President Trump speaks to the press with U.N. Ambassador Nikki Haley on Aug 11 at Trump National Golf Club in Bedminster, N.J. (Jim Watson/AFP/Getty Images)

The Trump administration is not looking for a pretext to junk the international nuclear deal with Iran, U.N. Ambassador Nikki Haley said Tuesday, despite the president’s sharp criticism of the agreement and reports that he has been reluctant to certify that Tehran is meeting its obligations.

“We have no decision made. The president doesn’t have a decision made,” Haley said in an interview. “What we are doing is trying to find out as much information as we can.”

Haley will be in Vienna on Wednesday for meetings with the International Atomic Energy Agency, the U.N. nuclear watchdog overseeing the 2015 agreement, that she said are meant to answer U.S. questions about the scope and effectiveness of inspections and monitoring.

That does not mean the United States has prejudged whether Iran is complying with the terms of the landmark nuclear deal, Haley said.

“What I think is very important to this administration is facts,” Haley said, adding that her trip will help the administration assess its choices in dealing with a country she said is in repeated violation of other U.N. directives on terrorism, human rights and more.

U.N. Ambassador Nikki Haley speaks at U.N. headquarters following Security Council consultations on an Iranian missile test on Jan. 31, 2017. (Albin Lohr-Jones/Sipa USA/Associated Press)

“This is not a country that can be trusted. This is not a country that has given us a reason to trust them. So I think the president has every reason to be leery of the actions by Iran.”

At issue is an upcoming White House decision on whether to certify that Iran is meeting its end of the bargain. Congress mandated such checkups every 90 days, and the next deadline is in October.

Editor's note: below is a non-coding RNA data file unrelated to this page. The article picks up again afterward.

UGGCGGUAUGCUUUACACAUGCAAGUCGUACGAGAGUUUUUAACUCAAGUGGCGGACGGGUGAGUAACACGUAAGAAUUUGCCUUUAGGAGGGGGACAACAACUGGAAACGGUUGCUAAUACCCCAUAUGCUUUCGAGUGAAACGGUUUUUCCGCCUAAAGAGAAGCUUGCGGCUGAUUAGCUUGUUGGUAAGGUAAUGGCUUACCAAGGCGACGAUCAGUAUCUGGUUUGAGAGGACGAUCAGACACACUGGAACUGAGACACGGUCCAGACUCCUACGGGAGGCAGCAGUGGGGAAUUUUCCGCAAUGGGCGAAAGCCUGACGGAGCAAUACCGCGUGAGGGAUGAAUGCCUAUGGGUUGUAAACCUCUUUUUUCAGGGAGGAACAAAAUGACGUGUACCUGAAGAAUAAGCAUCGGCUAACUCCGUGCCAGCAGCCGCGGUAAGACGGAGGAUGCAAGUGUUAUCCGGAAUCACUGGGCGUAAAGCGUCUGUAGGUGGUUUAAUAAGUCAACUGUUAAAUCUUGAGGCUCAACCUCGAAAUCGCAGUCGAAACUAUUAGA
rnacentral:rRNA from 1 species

President Trump has twice signed off on such certifications, but did so grudgingly in July. He then told the Wall Street Journal that he “would be surprised if they were in compliance.”

Haley’s trip comes amid escalating insults and threats lobbed by both the United States and Iran over which nation is undermining the nuclear agreement.

Iranian President Hassan Rouhani warned last week that Iran could walk away “within hours” if the United States slaps more sanctions on his country.

A day later, Haley responded with a warning of her own.

“Iran cannot be allowed to use the nuclear deal to hold the world hostage,” she said in a statement. “The nuclear deal must not become ‘too big to fail.’ ”

That brought a rebuke from Haley’s U.N. counterpart, Iranian Ambassador Gholamali Khoshrou, who said her remarks were “devoid of any shred of truth” and part of a U.S. campaign bent on “demonizing Iran and undermining the JCPOA inconsistent with the U.S. commitments.”

JCPOA stands for the agreement’s formal name, the Joint Comprehensive Plan of Action.

Iran’s foreign minister, Mohammad Javad Zarif, complained to IAEA Director General Yukiya Amano that Haley’s visit was intended to sow doubt about the agreement.

“Even before the visit takes place, the way it is planned and publicized and the signal that it sends have notable detrimental consequences for the successful implementation of the JCPOA,” Zarif wrote in a letter to Amano.

Haley dismissed Iran’s implication that she is searching for ammunition.

“I find it interesting that Iran is so worried about me going to Vienna,” she said. “If they don’t have anything to hide, they shouldn’t be concerned about me asking questions of the IAEA.”

Iran warned Tuesday that it needs only five days to ramp up uranium enrichment to a level at which the material could be used for a nuclear weapon, the Associated Press reported.

“If there is a plan for a reaction and a challenge, we will definitely surprise them,” said Iranian nuclear chief Ali Akbar Salehi. “If we make the determination, we are able to resume 20 percent-enrichment in at most five days.”

As a candidate, Trump called the agreement brokered with Russia, China, Britain, France and Germany “the dumbest deal perhaps I’ve ever seen in the history of deal-making.”

He threatened to tear it up but was vague about whether he planned to renegotiate it.